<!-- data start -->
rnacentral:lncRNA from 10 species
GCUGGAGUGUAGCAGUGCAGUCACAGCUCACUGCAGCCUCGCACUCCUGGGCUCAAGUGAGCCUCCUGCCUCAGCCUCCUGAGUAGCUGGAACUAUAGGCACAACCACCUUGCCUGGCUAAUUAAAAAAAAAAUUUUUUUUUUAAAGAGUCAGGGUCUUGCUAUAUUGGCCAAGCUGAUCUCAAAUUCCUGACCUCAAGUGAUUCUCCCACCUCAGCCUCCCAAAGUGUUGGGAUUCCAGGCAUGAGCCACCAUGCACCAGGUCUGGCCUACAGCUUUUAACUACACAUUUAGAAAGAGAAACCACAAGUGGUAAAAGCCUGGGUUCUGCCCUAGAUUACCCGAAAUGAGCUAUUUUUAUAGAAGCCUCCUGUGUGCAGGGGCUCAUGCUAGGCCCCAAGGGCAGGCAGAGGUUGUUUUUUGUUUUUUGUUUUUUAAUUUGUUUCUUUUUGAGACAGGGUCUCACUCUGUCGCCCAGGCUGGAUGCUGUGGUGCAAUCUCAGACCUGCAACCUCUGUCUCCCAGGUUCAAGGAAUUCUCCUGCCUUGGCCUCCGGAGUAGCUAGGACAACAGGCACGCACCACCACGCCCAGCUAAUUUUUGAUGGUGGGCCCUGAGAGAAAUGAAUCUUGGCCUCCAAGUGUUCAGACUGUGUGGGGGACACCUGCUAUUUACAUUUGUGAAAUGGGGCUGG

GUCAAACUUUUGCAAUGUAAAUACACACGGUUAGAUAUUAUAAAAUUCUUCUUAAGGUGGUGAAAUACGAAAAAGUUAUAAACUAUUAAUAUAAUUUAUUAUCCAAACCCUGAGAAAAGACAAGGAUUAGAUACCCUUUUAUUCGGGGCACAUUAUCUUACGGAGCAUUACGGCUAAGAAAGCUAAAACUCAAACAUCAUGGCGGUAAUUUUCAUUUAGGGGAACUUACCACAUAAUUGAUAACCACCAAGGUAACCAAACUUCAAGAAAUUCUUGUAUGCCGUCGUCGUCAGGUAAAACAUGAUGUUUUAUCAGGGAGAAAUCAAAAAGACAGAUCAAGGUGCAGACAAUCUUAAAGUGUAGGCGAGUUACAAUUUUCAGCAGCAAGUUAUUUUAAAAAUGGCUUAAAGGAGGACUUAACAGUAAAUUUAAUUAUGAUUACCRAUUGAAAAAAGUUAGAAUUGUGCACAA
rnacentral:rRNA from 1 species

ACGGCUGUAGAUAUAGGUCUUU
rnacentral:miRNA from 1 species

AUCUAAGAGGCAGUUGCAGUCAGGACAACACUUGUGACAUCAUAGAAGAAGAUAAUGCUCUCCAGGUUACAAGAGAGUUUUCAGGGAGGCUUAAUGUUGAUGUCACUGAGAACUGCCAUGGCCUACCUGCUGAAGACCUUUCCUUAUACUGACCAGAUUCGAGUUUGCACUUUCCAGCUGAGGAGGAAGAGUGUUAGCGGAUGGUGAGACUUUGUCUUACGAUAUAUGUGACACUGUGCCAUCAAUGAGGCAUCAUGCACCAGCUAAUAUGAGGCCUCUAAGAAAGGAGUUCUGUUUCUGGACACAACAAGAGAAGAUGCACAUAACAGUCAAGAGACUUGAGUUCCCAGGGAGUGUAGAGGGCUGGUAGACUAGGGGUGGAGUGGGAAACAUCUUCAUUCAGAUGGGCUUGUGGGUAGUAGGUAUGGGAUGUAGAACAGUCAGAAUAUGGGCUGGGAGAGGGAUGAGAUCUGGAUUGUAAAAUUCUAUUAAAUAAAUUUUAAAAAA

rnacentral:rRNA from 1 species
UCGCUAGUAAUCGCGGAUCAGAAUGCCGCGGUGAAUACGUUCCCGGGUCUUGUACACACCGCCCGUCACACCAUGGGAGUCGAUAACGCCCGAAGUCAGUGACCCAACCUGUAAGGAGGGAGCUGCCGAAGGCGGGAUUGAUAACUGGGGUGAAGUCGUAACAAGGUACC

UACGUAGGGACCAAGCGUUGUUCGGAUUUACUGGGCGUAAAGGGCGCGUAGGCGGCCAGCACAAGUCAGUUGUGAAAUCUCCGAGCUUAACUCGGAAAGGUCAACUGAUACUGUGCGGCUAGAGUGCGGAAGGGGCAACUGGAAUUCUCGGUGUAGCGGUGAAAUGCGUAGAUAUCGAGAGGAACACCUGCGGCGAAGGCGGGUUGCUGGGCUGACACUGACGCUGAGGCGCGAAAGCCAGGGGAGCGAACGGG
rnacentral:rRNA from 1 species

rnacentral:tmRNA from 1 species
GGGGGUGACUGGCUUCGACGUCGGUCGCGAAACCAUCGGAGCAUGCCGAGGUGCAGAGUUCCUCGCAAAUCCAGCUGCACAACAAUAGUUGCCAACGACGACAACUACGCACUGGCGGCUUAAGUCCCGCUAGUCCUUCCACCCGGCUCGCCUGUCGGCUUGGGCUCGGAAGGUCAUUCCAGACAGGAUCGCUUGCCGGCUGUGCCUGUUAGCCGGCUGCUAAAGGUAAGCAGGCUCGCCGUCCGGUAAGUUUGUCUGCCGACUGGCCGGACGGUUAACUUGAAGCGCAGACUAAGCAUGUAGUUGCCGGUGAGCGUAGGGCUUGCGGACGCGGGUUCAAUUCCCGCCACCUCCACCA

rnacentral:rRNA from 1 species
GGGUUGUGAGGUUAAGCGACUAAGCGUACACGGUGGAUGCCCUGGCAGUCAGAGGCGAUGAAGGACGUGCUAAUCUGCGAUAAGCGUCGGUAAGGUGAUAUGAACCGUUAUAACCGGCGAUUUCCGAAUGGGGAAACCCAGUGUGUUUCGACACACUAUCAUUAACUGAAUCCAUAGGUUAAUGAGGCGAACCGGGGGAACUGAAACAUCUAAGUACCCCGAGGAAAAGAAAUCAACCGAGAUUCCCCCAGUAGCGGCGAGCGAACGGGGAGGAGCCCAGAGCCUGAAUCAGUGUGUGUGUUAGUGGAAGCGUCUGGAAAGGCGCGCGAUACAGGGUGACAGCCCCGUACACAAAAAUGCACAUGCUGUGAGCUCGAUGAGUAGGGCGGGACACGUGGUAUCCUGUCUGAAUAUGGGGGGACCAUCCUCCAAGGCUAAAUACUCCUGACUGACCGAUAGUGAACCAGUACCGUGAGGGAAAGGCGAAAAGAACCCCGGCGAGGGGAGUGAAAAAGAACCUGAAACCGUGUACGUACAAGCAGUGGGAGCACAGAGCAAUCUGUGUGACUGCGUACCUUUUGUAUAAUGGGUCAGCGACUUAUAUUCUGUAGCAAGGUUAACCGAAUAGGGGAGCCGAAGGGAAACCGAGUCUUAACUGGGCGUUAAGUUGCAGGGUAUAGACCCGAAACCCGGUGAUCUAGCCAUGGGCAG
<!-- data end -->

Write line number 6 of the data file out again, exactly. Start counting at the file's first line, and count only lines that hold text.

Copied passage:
rnacentral:miRNA from 1 species